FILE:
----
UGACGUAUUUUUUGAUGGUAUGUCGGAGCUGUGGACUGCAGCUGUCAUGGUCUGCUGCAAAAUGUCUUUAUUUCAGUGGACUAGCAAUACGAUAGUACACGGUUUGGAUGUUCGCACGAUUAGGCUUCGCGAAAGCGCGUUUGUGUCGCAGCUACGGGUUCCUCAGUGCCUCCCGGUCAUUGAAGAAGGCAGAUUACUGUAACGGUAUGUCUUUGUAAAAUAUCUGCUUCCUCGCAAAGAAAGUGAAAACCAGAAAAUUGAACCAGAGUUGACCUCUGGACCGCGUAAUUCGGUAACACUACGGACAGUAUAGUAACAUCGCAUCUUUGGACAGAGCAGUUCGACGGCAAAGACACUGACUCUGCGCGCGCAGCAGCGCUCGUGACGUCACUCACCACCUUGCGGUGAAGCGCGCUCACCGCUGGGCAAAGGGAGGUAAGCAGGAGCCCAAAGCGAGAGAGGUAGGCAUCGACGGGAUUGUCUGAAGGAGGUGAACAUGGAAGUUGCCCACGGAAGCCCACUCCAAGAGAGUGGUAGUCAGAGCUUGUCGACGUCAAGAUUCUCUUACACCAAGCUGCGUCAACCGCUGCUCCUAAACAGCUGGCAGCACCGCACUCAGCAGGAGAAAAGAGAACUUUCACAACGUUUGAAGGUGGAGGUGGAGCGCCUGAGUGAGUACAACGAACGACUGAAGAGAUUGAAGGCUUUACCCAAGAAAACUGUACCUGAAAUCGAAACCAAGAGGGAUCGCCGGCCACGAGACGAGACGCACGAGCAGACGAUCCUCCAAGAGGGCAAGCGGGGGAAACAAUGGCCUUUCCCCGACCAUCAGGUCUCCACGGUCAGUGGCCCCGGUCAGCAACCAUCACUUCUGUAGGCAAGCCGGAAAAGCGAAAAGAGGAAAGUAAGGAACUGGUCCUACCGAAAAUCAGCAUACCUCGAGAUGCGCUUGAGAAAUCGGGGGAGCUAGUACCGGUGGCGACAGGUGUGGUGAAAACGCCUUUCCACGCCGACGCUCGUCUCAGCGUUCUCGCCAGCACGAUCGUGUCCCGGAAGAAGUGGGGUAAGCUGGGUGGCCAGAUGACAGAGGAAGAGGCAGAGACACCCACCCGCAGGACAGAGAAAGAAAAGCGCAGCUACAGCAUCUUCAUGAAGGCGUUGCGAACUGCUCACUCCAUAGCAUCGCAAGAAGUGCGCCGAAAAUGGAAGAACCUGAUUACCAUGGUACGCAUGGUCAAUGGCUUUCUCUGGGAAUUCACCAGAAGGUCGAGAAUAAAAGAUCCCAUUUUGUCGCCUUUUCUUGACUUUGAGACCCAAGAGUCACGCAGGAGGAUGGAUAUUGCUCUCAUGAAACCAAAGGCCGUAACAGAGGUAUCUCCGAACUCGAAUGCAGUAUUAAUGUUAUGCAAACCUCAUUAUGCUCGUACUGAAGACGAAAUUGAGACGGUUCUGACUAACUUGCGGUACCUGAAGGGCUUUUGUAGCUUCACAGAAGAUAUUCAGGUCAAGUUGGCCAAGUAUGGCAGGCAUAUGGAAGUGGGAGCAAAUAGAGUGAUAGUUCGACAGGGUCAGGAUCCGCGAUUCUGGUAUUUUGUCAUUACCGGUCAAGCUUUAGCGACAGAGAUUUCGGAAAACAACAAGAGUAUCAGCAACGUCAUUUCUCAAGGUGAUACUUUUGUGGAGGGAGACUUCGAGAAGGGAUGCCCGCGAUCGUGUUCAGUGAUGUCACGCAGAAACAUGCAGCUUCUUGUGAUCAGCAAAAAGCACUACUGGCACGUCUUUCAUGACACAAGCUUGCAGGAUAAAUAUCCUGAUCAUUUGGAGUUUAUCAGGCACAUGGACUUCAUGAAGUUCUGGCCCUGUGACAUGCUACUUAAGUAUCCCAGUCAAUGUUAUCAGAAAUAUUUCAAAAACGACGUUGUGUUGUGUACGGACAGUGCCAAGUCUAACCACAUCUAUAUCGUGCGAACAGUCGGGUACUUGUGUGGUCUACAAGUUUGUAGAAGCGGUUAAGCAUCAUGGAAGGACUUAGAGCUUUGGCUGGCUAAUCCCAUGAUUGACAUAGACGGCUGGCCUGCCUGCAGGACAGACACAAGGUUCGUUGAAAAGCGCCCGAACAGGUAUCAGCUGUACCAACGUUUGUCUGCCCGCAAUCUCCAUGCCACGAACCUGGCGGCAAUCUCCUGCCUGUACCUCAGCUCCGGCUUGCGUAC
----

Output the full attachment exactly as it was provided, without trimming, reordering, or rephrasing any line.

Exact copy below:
UGACGUAUUUUUUGAUGGUAUGUCGGAGCUGUGGACUGCAGCUGUCAUGGUCUGCUGCAAAAUGUCUUUAUUUCAGUGGACUAGCAAUACGAUAGUACACGGUUUGGAUGUUCGCACGAUUAGGCUUCGCGAAAGCGCGUUUGUGUCGCAGCUACGGGUUCCUCAGUGCCUCCCGGUCAUUGAAGAAGGCAGAUUACUGUAACGGUAUGUCUUUGUAAAAUAUCUGCUUCCUCGCAAAGAAAGUGAAAACCAGAAAAUUGAACCAGAGUUGACCUCUGGACCGCGUAAUUCGGUAACACUACGGACAGUAUAGUAACAUCGCAUCUUUGGACAGAGCAGUUCGACGGCAAAGACACUGACUCUGCGCGCGCAGCAGCGCUCGUGACGUCACUCACCACCUUGCGGUGAAGCGCGCUCACCGCUGGGCAAAGGGAGGUAAGCAGGAGCCCAAAGCGAGAGAGGUAGGCAUCGACGGGAUUGUCUGAAGGAGGUGAACAUGGAAGUUGCCCACGGAAGCCCACUCCAAGAGAGUGGUAGUCAGAGCUUGUCGACGUCAAGAUUCUCUUACACCAAGCUGCGUCAACCGCUGCUCCUAAACAGCUGGCAGCACCGCACUCAGCAGGAGAAAAGAGAACUUUCACAACGUUUGAAGGUGGAGGUGGAGCGCCUGAGUGAGUACAACGAACGACUGAAGAGAUUGAAGGCUUUACCCAAGAAAACUGUACCUGAAAUCGAAACCAAGAGGGAUCGCCGGCCACGAGACGAGACGCACGAGCAGACGAUCCUCCAAGAGGGCAAGCGGGGGAAACAAUGGCCUUUCCCCGACCAUCAGGUCUCCACGGUCAGUGGCCCCGGUCAGCAACCAUCACUUCUGUAGGCAAGCCGGAAAAGCGAAAAGAGGAAAGUAAGGAACUGGUCCUACCGAAAAUCAGCAUACCUCGAGAUGCGCUUGAGAAAUCGGGGGAGCUAGUACCGGUGGCGACAGGUGUGGUGAAAACGCCUUUCCACGCCGACGCUCGUCUCAGCGUUCUCGCCAGCACGAUCGUGUCCCGGAAGAAGUGGGGUAAGCUGGGUGGCCAGAUGACAGAGGAAGAGGCAGAGACACCCACCCGCAGGACAGAGAAAGAAAAGCGCAGCUACAGCAUCUUCAUGAAGGCGUUGCGAACUGCUCACUCCAUAGCAUCGCAAGAAGUGCGCCGAAAAUGGAAGAACCUGAUUACCAUGGUACGCAUGGUCAAUGGCUUUCUCUGGGAAUUCACCAGAAGGUCGAGAAUAAAAGAUCCCAUUUUGUCGCCUUUUCUUGACUUUGAGACCCAAGAGUCACGCAGGAGGAUGGAUAUUGCUCUCAUGAAACCAAAGGCCGUAACAGAGGUAUCUCCGAACUCGAAUGCAGUAUUAAUGUUAUGCAAACCUCAUUAUGCUCGUACUGAAGACGAAAUUGAGACGGUUCUGACUAACUUGCGGUACCUGAAGGGCUUUUGUAGCUUCACAGAAGAUAUUCAGGUCAAGUUGGCCAAGUAUGGCAGGCAUAUGGAAGUGGGAGCAAAUAGAGUGAUAGUUCGACAGGGUCAGGAUCCGCGAUUCUGGUAUUUUGUCAUUACCGGUCAAGCUUUAGCGACAGAGAUUUCGGAAAACAACAAGAGUAUCAGCAACGUCAUUUCUCAAGGUGAUACUUUUGUGGAGGGAGACUUCGAGAAGGGAUGCCCGCGAUCGUGUUCAGUGAUGUCACGCAGAAACAUGCAGCUUCUUGUGAUCAGCAAAAAGCACUACUGGCACGUCUUUCAUGACACAAGCUUGCAGGAUAAAUAUCCUGAUCAUUUGGAGUUUAUCAGGCACAUGGACUUCAUGAAGUUCUGGCCCUGUGACAUGCUACUUAAGUAUCCCAGUCAAUGUUAUCAGAAAUAUUUCAAAAACGACGUUGUGUUGUGUACGGACAGUGCCAAGUCUAACCACAUCUAUAUCGUGCGAACAGUCGGGUACUUGUGUGGUCUACAAGUUUGUAGAAGCGGUUAAGCAUCAUGGAAGGACUUAGAGCUUUGGCUGGCUAAUCCCAUGAUUGACAUAGACGGCUGGCCUGCCUGCAGGACAGACACAAGGUUCGUUGAAAAGCGCCCGAACAGGUAUCAGCUGUACCAACGUUUGUCUGCCCGCAAUCUCCAUGCCACGAACCUGGCGGCAAUCUCCUGCCUGUACCUCAGCUCCGGCUUGCGUAC